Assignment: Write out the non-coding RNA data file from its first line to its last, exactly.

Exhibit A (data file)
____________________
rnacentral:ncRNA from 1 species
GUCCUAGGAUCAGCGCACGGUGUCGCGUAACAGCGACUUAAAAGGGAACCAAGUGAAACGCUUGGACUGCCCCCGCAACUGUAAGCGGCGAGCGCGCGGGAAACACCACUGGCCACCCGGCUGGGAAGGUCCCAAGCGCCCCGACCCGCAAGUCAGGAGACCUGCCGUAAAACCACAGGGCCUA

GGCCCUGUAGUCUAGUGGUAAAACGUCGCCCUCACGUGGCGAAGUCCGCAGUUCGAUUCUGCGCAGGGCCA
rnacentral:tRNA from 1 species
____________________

rnacentral:ncRNA from 1 species
GUCCUAGGAUCAGCGCACGGUGUCGCGUAACAGCGACUUAAAAGGGAACCAAGUGAAACGCUUGGACUGCCCCCGCAACUGUAAGCGGCGAGCGCGCGGGAAACACCACUGGCCACCCGGCUGGGAAGGUCCCAAGCGCCCCGACCCGCAAGUCAGGAGACCUGCCGUAAAACCACAGGGCCUA

GGCCCUGUAGUCUAGUGGUAAAACGUCGCCCUCACGUGGCGAAGUCCGCAGUUCGAUUCUGCGCAGGGCCA
rnacentral:tRNA from 1 species